Rafael E. Luna, PhD
Instructor, Harvard Medical School and Founder of Luna Scientific Storytelling, LLC
Rafael E. Luna, PhD,had been a research fellow at Harvard Medical School for six years when he hit a wall. A large collaboration with multiple high-profile researchers was rejected due to the authors’ inability to tell the complex story in a coherent manner. Below, Rafael shares how that experience lead him to adopt narrative elements in his scientific manuscripts and share his subsequent success via his own company.
When and where did you get your PhD? What did you study?
I received my PhD in biological sciences with a concentration in molecular virology from Louisiana State University in Baton Rouge. My dissertation research investigated viral entry of Kaposi’s Sarcoma-associated Herpes viruses into human cells.
Where did you go next?
After my PhD, I wanted to study something different from virology. I was interested in neuroscience, so I went to Morehouse School of Medicine in Atlanta, Ga., for a year as a postdoc. There, we were doing surgery on rats, which I found was really difficult for me. So I asked myself, what can I do different that doesn’t involve live animals? That’s when I went to Harvard Medical School as a postdoc to study protein translation, specifically the dynamic interaction between human eukaryotic initiation factors, which I would grow up in bacteria.
How did you go from a normal postdoc in the lab to also juggling a side job as a scientific storyteller?
It started with my research paper being rejected. I was working with the top leaders in the field at Harvard Medical School, John Hopkins, Kansas State, Boston University Medical School, and NIH. We had a great story to tell, but collectively we didn’t put all the pieces together in a proper narrative, making it very difficult for the reviewers to appreciate the work. So, it was rejected from Cell, which was difficult to deal with due to the significance of the journal.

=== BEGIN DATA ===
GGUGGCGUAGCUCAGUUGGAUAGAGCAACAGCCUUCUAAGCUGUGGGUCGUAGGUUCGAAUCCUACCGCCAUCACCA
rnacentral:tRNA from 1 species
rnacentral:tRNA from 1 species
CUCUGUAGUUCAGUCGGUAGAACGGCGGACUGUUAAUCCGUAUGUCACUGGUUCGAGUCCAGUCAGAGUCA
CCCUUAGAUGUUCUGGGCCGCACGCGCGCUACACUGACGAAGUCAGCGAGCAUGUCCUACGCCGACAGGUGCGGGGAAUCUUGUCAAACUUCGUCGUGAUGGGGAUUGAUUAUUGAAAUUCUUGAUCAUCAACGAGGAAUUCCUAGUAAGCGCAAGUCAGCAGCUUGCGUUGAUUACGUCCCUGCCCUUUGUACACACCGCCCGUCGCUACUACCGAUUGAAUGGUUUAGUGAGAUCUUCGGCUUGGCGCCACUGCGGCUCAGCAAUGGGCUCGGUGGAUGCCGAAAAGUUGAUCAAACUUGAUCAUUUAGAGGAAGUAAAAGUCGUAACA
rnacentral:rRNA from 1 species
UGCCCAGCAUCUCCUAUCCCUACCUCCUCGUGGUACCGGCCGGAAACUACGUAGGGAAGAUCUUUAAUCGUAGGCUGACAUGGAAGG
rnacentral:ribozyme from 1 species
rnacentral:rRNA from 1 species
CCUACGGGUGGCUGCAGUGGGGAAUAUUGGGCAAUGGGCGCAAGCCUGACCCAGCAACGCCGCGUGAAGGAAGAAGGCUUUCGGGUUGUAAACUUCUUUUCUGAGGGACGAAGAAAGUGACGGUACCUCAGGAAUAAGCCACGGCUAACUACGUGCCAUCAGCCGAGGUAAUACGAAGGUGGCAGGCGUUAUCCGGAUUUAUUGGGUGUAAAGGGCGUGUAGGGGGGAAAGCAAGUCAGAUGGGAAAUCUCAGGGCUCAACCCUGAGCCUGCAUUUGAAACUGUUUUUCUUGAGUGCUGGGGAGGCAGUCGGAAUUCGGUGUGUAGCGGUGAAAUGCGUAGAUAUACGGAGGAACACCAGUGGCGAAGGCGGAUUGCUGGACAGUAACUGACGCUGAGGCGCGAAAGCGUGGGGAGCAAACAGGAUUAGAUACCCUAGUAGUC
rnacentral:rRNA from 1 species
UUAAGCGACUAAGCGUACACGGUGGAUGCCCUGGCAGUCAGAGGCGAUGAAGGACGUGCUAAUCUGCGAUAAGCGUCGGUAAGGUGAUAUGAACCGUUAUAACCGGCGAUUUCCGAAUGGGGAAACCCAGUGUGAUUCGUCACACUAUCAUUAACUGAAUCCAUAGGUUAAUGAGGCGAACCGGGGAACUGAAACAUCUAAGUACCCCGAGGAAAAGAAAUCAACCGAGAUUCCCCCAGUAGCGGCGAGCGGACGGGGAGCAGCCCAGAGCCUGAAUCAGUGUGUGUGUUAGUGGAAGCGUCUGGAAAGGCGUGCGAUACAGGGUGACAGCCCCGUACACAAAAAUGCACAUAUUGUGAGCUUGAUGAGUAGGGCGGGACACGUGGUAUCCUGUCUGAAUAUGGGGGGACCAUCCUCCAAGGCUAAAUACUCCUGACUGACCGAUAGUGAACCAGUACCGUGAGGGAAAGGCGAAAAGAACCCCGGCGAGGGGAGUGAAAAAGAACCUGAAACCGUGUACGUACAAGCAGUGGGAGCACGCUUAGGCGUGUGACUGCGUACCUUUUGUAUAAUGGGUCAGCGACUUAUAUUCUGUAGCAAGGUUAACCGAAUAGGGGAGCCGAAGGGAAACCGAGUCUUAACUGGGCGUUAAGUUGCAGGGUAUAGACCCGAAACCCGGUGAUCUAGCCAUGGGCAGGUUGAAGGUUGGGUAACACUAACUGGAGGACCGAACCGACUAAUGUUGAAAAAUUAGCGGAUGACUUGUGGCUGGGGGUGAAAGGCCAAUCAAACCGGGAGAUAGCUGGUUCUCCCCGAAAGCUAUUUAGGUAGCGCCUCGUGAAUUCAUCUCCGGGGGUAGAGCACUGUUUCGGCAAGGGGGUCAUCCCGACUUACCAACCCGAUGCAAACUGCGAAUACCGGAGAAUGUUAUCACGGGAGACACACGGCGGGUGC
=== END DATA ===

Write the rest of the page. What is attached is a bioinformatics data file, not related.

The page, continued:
And so I hit “the wall” and thought maybe I should go back to my true passion, which is writing. So, I took a creative writing course at the Harvard Extension School. When I turned in my first short story, I thought my classmates in the peer-review workshop would love it, but they tore it apart! They told me that I didn’t have the proper character development, the thesis wasn’t substantiated and the theme wasn’t fully developed. These were very similar to the comments that my collaborators and the manuscript’s reviewers gave me. That was my “ah ha!” moment.
Perhaps I could fix my manuscript by applying the narrative elements — protagonist, antagonist, scene, stakes,conflict and resolution — from creative writing. When I did that, I realized that I didn’t have one story, but three different stories imbedded into one paper, and that’s what made it so difficult to publish. I pulled out the two smaller studies, published them separately,and submitted the primary work to CellReports, where it was accepted.
By applying narrative principles to a scientific manuscript,we took a rejected paper and enhanced its apparent impact to a wide range of scientific audiences. Then I had some of my colleagues at Harvard ask “Hey, can you show me how to do that?” Those requests for help kept coming, and now come from all over the world. I’m invited to give talks and courses, visit universities and conferences like ARVO, and I’ve even written a book on the topic entitled, The Art of Scientific Storytelling.